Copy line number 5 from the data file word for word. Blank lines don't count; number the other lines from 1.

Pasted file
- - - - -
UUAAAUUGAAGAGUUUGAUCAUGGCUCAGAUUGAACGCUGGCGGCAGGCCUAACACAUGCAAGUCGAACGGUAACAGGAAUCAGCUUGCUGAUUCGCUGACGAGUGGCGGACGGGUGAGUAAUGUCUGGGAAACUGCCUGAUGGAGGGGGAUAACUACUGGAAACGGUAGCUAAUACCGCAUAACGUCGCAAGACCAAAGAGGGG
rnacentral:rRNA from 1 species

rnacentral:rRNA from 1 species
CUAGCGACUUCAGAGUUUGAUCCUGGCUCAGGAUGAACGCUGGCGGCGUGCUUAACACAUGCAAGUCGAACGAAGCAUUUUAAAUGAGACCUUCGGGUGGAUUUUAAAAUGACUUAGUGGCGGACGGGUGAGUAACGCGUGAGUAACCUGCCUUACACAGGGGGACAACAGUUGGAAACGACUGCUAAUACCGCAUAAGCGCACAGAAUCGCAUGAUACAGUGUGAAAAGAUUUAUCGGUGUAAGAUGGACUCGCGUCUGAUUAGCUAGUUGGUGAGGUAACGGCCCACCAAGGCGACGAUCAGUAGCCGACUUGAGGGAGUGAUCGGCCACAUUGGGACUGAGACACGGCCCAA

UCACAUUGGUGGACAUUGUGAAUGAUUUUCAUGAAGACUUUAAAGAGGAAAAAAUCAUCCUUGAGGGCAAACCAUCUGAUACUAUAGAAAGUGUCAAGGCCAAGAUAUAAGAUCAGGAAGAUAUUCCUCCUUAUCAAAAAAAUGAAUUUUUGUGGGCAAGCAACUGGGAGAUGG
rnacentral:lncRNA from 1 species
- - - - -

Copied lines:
UCACAUUGGUGGACAUUGUGAAUGAUUUUCAUGAAGACUUUAAAGAGGAAAAAAUCAUCCUUGAGGGCAAACCAUCUGAUACUAUAGAAAGUGUCAAGGCCAAGAUAUAAGAUCAGGAAGAUAUUCCUCCUUAUCAAAAAAAUGAAUUUUUGUGGGCAAGCAACUGGGAGAUGG